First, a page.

Matisse chapel

I’ve been wanting to see the chapel Matisse created for an order of Dominican nuns for a long time. It is in the town of Vence and was, according to Matisse, his masterpiece. It is. Unfortunately, no photos were allowed inside the chapel. One photo is from the entry. The other is from the brochure. Quite simple and astounding.

To get to Vence I decided to avoid the direct road thru Tourettes sur loup, which is curvy and hard to navigate. What I discovered coming home on that same road was that it is actually a better road–wider, fewer curves–than the alternatives. So much for secondary roads in France.



The exchange below was initiated by Alexandra last night. I thought it might be of interest.

On Aug 18, 2013, at 10:26 PM, Alexandra Swoope wrote

Enjoyed your pictures of the markets. You should find more herbed de Provence. Our new market is the Fairway on 6th. Just got some brandade in homage to France.
Have found some very interesting books on France which I will share. A couple by Graham Robb are on Kindle.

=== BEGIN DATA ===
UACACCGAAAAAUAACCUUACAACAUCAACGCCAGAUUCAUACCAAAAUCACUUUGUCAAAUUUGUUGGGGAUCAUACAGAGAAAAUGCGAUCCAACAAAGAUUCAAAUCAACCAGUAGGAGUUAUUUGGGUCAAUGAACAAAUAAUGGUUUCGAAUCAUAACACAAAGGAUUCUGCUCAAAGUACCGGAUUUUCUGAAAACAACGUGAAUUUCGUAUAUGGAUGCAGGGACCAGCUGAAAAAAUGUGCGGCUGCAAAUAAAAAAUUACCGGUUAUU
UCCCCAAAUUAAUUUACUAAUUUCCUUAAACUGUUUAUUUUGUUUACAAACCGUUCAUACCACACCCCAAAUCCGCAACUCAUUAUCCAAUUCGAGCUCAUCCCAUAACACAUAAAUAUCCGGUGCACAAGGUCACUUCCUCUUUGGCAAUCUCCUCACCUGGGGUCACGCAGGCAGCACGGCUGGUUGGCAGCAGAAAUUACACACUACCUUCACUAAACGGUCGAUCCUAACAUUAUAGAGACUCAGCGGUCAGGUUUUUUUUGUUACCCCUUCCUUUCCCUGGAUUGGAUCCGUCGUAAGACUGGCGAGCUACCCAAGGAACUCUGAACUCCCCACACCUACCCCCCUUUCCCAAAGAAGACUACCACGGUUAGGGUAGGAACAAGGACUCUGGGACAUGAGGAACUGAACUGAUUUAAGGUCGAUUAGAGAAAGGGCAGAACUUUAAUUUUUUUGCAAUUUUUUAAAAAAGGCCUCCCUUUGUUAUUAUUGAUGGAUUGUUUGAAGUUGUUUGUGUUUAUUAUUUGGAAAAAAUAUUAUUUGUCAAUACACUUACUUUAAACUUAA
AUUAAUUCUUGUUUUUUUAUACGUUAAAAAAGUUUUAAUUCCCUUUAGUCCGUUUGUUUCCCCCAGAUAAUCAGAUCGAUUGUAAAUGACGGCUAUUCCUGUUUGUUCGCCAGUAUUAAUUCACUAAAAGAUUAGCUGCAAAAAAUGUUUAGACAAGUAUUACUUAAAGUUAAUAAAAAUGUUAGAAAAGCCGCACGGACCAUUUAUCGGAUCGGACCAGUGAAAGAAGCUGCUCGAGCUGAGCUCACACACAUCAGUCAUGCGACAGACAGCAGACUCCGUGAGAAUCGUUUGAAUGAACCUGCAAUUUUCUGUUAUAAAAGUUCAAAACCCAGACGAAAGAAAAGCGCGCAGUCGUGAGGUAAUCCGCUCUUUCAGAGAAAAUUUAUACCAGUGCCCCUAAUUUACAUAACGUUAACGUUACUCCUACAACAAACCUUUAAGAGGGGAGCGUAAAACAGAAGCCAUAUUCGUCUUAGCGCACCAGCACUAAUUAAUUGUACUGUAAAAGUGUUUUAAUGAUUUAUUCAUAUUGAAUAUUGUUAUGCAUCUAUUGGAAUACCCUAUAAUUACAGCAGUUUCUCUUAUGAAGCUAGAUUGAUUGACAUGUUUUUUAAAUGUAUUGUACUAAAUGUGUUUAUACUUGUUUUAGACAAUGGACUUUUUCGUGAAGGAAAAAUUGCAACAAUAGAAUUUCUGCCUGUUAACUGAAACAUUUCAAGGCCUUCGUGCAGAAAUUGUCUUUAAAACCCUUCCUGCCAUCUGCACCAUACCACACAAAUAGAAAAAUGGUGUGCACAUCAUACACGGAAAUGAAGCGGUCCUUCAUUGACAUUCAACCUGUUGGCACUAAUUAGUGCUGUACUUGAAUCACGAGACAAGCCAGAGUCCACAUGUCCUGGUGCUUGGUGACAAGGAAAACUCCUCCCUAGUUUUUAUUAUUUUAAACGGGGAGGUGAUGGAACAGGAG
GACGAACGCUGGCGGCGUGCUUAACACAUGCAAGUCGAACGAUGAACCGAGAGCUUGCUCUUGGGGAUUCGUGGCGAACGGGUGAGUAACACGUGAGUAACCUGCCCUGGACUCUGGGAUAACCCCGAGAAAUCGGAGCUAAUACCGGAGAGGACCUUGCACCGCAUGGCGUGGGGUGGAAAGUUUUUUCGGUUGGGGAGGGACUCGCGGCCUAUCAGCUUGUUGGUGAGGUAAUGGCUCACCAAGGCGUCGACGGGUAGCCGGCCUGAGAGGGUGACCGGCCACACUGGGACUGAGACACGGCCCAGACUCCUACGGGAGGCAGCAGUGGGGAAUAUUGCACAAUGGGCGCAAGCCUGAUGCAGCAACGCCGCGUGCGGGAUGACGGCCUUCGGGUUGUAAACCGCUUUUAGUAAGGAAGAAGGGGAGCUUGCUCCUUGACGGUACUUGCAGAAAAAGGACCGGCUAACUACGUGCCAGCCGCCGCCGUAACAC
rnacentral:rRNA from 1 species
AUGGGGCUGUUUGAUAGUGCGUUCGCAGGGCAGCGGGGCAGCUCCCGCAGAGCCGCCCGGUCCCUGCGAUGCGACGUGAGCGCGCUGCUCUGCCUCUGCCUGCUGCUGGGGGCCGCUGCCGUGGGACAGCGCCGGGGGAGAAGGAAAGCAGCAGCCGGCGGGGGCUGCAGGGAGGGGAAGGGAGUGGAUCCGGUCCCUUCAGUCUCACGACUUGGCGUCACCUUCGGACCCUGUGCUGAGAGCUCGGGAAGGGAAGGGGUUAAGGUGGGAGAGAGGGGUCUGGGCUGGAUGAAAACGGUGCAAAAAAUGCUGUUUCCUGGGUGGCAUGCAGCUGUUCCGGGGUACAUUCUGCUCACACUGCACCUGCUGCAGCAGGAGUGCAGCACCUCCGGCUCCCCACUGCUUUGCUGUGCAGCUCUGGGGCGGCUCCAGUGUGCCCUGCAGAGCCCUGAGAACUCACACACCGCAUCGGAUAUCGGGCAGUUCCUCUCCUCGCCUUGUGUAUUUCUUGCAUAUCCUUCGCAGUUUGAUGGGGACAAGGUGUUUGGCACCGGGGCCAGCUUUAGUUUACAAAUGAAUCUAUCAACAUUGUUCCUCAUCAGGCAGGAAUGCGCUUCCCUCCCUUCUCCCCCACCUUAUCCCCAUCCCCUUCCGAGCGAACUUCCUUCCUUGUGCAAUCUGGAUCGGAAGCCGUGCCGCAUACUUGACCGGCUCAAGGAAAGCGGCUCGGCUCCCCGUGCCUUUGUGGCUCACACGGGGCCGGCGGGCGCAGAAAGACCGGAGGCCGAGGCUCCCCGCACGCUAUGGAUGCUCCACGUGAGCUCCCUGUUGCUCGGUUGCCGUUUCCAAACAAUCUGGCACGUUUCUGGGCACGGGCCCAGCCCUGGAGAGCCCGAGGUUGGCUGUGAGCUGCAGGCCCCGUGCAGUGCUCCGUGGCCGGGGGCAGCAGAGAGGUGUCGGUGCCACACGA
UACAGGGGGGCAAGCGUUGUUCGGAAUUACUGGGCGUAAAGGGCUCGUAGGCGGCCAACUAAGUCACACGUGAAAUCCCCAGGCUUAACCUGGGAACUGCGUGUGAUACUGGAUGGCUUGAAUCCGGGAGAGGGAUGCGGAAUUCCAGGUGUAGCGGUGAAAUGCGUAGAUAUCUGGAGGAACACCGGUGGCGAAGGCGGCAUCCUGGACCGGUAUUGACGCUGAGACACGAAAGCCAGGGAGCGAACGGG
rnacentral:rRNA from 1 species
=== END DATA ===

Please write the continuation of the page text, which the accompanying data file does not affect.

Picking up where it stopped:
Sounds like you are having fun, as long as you avoid the wasps.
Grasse is THE place to use your nose. What did you buy there?

On Aug 18, 2013, at 6:14 PM, Evelyn wrote:

Thanks for your note. How much herbes de Provence do you use? My stash should last a year. I’m thinking about doing a blog on the markets of France–how they represent the quality of life in each region.

Re Grasse. I was overwhelmed by the scent–too much to take in. All I got was a bday gift.

I’m enjoying myself but am a little bored. Limited online access means I can’t Skype. Tv here is awful. The newspaper is kind of fun, full of stories about lost tourists who later turn up after the French police spend days looking for them. The bookstore in town only has a few English titles–I have to go into a bigger city for English bookstores.

Musėe Renoir

Today the 2 Francoises and I drove 20 minutes to Cagnes where Renoir spent his last years. Even though he was severely arthritic, and had to have his paint brushes strapped to his hands, the light of the Côte d’Azur continued to inspire him. There was also some pottery that his son. Jean, the filmmaker, did in his youth. Perhaps my days here will inspire the artist in me?